"At my first Ryder Cup at The Belfry in 2002, Jesper Parnevik pulled me aside one evening on the practice days and said: 'Paul, you're going to be playing an event with an atmosphere you've never experienced before. There's an energy that comes from crowds at Ryder Cups that you'll find in no other event. That energy is going to be very positive this week because we're playing at home. In my experience, there are two ways of dealing with it. You can take it and ride it like a surfer would ride a wave. That's the first way. The other way is what Bernhard Langer and Nick Faldo have done. You can block out everything and stick to your routine; disengaging totally from everything around you. You must decide for yourself which camp you fall into. Don't get caught between the two.'"
McGinley continued: "That was brilliant advice. The more experience I had of Ryder Cups, the more I understood the truth of what Jesper said. I chose to engage with the crowd like Ian Poulter and Seve have done. As a result, I gained a greater understanding of how to handle these situations than in my early years on tour. How to make spectator pressure work to your advantage.
"Still, I was very interested to watch that recent Michael Jordan documentary, where he claimed that motivation shouldn't come from anything external, it has to come from inside. That's why he harboured grudges, which he used to motivate himself. It was never the crowd which motivated him, rather a perceived slight from another player or someone in the media. There are different ways of doing it."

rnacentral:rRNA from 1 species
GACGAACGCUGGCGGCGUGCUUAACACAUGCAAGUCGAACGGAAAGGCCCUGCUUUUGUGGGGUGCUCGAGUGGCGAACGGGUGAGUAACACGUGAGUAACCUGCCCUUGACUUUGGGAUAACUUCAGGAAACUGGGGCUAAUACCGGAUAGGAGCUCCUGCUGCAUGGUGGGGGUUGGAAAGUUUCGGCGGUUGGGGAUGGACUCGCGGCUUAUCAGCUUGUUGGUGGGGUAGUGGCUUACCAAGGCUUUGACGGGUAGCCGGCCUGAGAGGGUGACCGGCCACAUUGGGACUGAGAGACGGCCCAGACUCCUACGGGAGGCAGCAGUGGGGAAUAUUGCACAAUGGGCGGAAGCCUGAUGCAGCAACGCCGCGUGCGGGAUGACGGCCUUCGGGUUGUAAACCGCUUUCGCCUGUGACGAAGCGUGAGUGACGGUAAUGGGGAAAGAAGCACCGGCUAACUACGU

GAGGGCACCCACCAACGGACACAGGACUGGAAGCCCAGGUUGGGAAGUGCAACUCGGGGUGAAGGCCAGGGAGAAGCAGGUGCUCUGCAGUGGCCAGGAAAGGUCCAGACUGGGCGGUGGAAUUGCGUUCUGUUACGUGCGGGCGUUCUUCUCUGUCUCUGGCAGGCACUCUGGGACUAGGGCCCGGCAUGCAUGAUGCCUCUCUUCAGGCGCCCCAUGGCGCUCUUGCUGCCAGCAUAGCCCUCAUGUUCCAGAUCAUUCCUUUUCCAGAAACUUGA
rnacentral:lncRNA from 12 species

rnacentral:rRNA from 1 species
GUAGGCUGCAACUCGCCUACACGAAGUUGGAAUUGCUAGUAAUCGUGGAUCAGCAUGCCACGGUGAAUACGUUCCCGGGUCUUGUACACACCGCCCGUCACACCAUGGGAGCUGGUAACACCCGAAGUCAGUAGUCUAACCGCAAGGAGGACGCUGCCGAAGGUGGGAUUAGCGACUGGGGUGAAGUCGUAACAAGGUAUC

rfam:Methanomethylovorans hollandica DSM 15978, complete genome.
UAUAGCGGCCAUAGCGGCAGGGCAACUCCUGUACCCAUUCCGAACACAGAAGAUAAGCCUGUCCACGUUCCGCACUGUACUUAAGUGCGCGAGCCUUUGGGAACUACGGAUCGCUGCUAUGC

As a general principle, however, McGinley is of the view that no sportsperson wants to perform to empty stands. "I've watched a lot of soccer over the last six weeks since the lockdown and for the most part, it's been pretty poor fare," he said. "Generally, the intensity of the play is not the same. The focus of the players is not the same."
He claimed to have observed players making basic errors, simply through lack of concentration. "It's easy to get distracted when there's no critical eyes watching," he said. "I've even seen golfers making mistakes they wouldn't normally make. And Rory McIlroy seems to be among those who miss the energy of the galleries."
Yet there is a consensus which suggests that the current situation worked beautifully for 23-year-old Californian, Collin Morikawa, when he won the Workday Charity Open at Muirfield Village two weeks ago. The rookie could hardly believe he had come from three strokes behind with three to play to beat Major winner, Justin Thomas, on the third play-off hole.
Had there been eager spectators swarming around those play-off holes, would he have managed it so impressively? As it happened, the atmosphere wasn't much different from what he had experienced as a college competitor at Berkeley, little more than a year ago.
Yet in stark contrast, any time fans asked the great Palmer what the driving force had been behind his tournament performances through the years, the reply was always the same. "It's you," he would say.
And nobody doubted his enduring faith in the personal, people-power that he relished so much.
Sunday Indo Sport